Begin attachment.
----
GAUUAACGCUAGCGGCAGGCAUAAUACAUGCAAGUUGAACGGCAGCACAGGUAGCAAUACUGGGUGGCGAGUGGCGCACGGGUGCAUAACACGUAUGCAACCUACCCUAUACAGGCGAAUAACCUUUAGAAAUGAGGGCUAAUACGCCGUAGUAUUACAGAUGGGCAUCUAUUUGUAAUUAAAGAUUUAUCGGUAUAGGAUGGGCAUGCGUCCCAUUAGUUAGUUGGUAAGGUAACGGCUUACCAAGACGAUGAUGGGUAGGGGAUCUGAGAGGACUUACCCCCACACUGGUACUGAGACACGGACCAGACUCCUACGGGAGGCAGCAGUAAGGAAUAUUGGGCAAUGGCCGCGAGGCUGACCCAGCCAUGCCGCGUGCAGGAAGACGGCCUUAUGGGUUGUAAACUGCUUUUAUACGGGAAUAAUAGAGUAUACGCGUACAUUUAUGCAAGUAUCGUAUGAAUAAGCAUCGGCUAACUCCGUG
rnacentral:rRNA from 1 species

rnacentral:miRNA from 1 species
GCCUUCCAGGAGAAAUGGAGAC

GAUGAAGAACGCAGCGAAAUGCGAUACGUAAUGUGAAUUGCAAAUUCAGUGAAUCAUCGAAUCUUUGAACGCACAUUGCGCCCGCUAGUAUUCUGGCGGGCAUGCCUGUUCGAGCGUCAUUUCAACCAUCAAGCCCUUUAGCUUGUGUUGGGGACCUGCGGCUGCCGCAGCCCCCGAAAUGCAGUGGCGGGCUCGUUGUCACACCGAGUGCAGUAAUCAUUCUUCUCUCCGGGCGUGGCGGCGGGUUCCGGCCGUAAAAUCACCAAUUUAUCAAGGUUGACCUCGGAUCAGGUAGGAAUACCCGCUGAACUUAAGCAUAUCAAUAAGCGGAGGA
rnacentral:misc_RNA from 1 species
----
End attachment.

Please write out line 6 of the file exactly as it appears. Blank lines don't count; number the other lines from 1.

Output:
rnacentral:misc_RNA from 1 species